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What process should I automate?

Best processes for automation and real world examples

With a no-code tool, building an automated workflow is the easy part. Sometimes, the challenge comes in actually deciding, “What process should I automate first?”

Modern automation platforms are great for a variety of workflows that impact customers, employees, and suppliers. You can build workflows where no process existed previously. Or you can build workflows to augment existing systems or to “fill in the gaps” between them. 

While no-code workflow automation platforms can allow you to build almost anything, here are some good criteria and ideas that will inspire your shortlist and help you select your first process to automate.

What makes something worth automating?

While automation can be a massive time-saver, not everything is automatable. At the very least, a process needs to be repetitive and recurring with a degree of predictability to apply automation. 

Things good for automation are usually:

  • Repetitive
  • Recurring
  • Manual
  • Multiple hand-offs and approvals
  • Data-heavy
  • Involve deliverables

A process with some or all of these criteria can be good contestants. These patterns often indicate the right amount of frequency and complexity for no-code workflow automation.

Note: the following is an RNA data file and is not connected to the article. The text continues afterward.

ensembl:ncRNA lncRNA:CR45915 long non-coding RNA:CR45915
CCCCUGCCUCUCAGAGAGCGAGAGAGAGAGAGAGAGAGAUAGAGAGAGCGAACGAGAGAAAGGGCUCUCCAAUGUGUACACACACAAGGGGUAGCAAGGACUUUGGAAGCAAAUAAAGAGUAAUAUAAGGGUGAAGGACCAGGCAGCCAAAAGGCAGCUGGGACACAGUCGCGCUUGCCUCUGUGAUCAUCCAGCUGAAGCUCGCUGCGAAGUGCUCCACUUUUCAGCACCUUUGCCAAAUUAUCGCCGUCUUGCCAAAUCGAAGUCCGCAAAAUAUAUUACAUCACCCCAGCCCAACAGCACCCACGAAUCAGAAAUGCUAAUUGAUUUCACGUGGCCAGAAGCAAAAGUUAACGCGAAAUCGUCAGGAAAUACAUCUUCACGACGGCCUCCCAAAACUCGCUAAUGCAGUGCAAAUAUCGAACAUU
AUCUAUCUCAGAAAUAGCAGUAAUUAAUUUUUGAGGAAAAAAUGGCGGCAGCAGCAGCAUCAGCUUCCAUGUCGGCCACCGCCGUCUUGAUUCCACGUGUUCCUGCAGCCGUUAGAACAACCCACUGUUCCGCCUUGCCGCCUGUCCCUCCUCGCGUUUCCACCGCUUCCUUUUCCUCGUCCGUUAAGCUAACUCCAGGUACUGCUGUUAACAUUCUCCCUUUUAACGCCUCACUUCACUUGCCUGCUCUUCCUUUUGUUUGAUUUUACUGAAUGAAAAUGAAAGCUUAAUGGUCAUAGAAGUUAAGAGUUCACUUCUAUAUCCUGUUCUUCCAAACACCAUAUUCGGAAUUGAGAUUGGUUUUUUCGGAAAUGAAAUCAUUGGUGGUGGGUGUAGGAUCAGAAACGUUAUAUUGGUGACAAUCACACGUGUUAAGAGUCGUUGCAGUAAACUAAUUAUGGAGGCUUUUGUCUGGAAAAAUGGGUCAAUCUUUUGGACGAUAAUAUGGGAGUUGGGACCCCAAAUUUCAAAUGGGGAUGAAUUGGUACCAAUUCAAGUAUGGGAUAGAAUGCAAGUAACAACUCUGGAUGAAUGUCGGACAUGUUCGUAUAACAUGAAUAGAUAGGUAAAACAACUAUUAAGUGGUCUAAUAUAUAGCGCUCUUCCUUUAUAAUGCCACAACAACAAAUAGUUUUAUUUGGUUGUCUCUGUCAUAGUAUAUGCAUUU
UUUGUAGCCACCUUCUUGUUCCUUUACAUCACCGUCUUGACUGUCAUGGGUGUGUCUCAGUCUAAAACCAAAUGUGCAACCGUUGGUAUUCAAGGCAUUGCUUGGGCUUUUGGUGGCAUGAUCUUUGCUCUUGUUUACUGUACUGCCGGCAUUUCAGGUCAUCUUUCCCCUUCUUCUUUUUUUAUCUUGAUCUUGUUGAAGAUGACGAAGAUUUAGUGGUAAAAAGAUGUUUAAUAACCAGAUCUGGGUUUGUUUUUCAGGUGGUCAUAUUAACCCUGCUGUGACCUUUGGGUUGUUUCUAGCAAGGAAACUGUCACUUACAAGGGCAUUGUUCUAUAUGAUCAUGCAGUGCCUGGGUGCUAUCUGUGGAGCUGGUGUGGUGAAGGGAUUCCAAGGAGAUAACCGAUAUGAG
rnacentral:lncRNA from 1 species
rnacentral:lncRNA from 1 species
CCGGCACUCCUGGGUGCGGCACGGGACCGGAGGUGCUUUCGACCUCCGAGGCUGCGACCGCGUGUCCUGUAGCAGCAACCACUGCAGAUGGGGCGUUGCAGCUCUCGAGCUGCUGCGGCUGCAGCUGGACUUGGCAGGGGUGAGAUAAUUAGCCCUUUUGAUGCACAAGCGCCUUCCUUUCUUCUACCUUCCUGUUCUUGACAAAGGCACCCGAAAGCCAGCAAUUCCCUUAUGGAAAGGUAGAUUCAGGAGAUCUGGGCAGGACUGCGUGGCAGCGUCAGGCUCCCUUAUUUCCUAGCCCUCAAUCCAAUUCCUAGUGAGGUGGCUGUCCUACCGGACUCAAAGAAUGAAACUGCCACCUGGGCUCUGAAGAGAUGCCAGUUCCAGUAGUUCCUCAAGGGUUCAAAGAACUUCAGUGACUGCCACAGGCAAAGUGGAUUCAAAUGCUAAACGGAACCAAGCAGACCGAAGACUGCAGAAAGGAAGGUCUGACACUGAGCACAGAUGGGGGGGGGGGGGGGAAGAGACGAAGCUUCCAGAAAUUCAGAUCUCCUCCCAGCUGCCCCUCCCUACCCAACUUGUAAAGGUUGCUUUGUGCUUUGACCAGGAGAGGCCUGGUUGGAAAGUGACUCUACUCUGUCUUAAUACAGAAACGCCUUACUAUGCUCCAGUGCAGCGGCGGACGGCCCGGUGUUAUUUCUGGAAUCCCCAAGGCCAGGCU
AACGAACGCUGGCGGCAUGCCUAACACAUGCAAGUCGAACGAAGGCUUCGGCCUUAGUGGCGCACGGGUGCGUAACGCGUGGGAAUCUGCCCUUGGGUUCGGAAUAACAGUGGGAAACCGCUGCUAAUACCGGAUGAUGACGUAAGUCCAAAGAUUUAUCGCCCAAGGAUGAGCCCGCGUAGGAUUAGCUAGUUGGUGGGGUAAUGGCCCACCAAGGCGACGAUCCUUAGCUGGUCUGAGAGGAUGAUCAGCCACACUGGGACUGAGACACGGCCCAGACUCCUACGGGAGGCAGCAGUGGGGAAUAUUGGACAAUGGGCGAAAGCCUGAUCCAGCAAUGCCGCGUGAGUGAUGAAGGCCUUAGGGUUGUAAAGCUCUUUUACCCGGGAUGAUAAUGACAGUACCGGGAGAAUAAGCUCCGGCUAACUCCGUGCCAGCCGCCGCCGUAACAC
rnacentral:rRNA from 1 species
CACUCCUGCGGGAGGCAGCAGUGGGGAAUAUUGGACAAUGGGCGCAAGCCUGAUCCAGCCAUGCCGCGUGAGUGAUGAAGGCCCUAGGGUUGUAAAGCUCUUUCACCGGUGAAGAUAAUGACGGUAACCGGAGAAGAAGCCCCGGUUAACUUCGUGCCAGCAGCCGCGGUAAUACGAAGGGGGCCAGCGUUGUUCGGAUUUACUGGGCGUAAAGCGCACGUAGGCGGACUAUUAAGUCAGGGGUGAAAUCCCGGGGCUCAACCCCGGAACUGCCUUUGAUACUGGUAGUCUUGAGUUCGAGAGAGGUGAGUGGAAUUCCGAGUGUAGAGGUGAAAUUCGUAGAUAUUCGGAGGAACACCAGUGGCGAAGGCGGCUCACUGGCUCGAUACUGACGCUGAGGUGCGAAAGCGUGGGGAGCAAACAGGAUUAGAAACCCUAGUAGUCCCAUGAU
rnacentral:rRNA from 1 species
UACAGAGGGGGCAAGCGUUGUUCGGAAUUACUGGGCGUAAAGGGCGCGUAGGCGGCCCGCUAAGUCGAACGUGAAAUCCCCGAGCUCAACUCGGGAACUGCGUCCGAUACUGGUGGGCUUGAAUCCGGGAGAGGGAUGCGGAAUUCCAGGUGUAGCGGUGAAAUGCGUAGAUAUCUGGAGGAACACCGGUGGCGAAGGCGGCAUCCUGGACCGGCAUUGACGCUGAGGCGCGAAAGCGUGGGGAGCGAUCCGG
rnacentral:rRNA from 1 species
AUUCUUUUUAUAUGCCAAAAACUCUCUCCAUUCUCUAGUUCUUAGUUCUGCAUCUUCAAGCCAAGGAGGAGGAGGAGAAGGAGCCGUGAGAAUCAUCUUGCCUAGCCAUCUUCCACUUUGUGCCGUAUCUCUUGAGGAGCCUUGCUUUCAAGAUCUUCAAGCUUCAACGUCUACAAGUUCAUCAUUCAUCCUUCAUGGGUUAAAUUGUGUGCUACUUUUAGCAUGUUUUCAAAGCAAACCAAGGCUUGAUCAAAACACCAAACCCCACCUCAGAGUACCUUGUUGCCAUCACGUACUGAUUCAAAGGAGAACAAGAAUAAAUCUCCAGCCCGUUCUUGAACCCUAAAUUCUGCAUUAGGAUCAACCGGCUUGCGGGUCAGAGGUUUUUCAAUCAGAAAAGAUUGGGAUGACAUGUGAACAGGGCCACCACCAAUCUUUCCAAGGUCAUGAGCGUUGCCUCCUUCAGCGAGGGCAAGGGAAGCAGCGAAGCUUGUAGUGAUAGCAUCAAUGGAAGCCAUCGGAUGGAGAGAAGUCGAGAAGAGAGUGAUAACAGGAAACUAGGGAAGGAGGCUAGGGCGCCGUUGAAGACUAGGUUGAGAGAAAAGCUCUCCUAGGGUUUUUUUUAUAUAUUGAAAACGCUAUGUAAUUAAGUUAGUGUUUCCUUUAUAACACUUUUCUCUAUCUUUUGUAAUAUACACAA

But just because something can be automated doesn’t always mean it’s worth the effort to do so. A no-code tool can significantly speed up the process of building, but the time an automated workflow can save you still needs to be worth the time and effort it takes to create.

"A no-code tool can significantly speed up the process of building, but the time an automated workflow can save you still needs to be worth the time and effort it takes to create."

For example, you would want to weigh the time cost vs. savings of automating a process that happens annually vs. one that happens daily or every week. You would also want to weigh the complexity of workflows to determine which would be easiest and quickest to build.

Sometimes simpler can be better for your first use case. Even small uses of automation can add up to big efficiencies.

Top departments using automation